Great Lakes Project
The Nature Conservancy's Great Lakes Project spans eight states and two Canadian provinces. Here you'll find a collection of stories about our work across the entire basin.
Join our experts for a monthly Twitter chat that focuses on environmental challenges facing the Great Lakes.
Carrie Vollmer-Sanders is the director of the Western Lake Erie Basin Project. Read her bio to learn about her conservation career and what keeps her going.
Protecting and Restoring the World’s Largest Freshwater Dune System
Our Great Lakes are our great providers. But, they currently face some serious threats: climate change, aquatic invasive species, degraded water quality and habitat loss. What do these threats put at stake? Find out in this infographic.
Millions of birds migrate through the Great Lakes every year, using wetlands, forests, shoreline and more than 32,000 islands as stopover sites.
The Nature Conservancy is working to restore spawning reefs in Grand Traverse Bay. Lake trout, lake whitefish and lake herring use these reefs like nurseries to protect their eggs from predators and the relentless action of the waves.
These top five "usual suspects" are among the most threatening aquatic invasive species in the Great Lakes and Mississippi River basins. See the Infographic
Two eDNA samples collected by the Conservancy and its partners on July 8, 2013, from the Calumet Harbor, at the mouth of the Chicago Area Waterway System in Lake Michigan, tested positive for Eurasian ruffe DNA.
Explore this interactive map to see where we're working across the Great Lakes basin.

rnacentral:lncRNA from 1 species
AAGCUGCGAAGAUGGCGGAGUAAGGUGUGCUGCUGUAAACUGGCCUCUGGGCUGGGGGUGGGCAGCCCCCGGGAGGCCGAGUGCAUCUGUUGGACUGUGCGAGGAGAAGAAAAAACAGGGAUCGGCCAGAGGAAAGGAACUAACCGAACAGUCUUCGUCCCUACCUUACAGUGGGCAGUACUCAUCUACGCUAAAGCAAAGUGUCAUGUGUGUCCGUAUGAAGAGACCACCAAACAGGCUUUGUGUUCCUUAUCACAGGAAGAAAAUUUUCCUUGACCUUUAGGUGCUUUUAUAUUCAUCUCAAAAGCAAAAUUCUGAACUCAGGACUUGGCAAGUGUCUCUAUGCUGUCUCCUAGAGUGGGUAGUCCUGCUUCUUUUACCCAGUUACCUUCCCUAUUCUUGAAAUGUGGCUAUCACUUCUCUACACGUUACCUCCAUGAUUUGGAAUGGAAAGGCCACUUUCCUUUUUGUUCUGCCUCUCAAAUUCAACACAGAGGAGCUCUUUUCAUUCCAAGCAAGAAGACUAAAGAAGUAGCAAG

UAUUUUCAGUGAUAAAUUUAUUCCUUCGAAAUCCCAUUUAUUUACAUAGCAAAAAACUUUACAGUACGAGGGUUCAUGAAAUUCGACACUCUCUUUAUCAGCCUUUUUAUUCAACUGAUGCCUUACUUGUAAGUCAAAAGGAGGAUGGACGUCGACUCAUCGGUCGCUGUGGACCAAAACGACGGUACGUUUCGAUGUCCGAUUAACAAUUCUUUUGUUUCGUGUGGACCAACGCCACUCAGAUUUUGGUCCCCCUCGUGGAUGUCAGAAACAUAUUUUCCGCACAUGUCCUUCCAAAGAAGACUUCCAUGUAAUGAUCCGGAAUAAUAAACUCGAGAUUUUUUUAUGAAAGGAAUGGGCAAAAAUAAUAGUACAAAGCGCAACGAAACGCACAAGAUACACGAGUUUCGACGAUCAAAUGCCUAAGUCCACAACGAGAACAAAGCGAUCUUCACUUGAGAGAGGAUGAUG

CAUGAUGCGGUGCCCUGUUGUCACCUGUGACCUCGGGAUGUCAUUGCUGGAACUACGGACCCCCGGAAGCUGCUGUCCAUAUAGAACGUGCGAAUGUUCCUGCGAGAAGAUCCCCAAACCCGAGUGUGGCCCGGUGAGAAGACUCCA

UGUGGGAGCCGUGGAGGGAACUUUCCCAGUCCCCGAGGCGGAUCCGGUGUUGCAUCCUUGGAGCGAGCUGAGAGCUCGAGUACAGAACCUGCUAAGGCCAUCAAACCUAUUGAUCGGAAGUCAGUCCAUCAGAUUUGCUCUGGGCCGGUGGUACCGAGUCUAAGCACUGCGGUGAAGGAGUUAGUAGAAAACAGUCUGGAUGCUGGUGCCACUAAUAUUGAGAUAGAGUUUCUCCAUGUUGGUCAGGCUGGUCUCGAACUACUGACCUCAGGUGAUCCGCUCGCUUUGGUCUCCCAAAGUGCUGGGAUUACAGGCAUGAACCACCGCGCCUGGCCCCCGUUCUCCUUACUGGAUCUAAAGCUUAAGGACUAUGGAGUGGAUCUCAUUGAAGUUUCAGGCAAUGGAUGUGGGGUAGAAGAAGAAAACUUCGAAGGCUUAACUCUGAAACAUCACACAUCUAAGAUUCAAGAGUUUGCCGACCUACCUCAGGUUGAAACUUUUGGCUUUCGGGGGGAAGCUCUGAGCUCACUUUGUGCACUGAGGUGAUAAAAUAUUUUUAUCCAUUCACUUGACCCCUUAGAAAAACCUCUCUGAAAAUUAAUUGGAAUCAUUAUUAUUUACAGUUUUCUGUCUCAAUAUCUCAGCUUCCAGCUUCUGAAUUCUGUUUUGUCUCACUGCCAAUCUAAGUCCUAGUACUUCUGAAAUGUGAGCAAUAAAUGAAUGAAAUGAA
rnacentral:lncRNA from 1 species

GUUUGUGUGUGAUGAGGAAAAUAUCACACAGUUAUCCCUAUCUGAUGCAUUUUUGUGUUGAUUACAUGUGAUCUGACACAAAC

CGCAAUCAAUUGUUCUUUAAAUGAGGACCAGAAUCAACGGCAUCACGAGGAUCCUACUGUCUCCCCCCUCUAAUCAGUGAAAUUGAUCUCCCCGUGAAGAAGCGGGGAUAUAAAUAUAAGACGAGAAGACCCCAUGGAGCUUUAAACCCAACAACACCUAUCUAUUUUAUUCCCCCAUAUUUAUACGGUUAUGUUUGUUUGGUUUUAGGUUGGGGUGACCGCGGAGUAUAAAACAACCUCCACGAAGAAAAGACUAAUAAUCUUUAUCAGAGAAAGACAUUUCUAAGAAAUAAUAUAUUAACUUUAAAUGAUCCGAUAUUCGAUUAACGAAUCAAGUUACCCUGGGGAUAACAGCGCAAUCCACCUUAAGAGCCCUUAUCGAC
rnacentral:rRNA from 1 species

We’ve partnered with Detroit Public TV to start a conservation conversation across the Great Lakes region about current threats and potential solutions facing the Great Lakes.
Learn about the Conservancy team members who are working to protect the lands and waters of the Great Lakes region.
The food grown in the Great Lakes region helps feed the world. Find out how we're keeping it fresh!
When working across eight states and two Canadian provinces, partnerships are imperative in moving conservation forward
From sandy shorelines to cobblestone coastal areas, beaches in the Great Lakes are as different as the people who enjoy them. Which Great Lakes beaches does the Conservancy protect
Right Source, Right Rate, Right Time and Right Place--the "4 R's"-- are being used to help keep Lake Erie's waters clean. Learn about the 4R Certification Program
This month our furry and feathery friends in the Great Lakes region are a little frisky and putting on some colorful displays all in the name of love. Learn more about their courtship behaviors and we're doing to protect mating grounds. Explore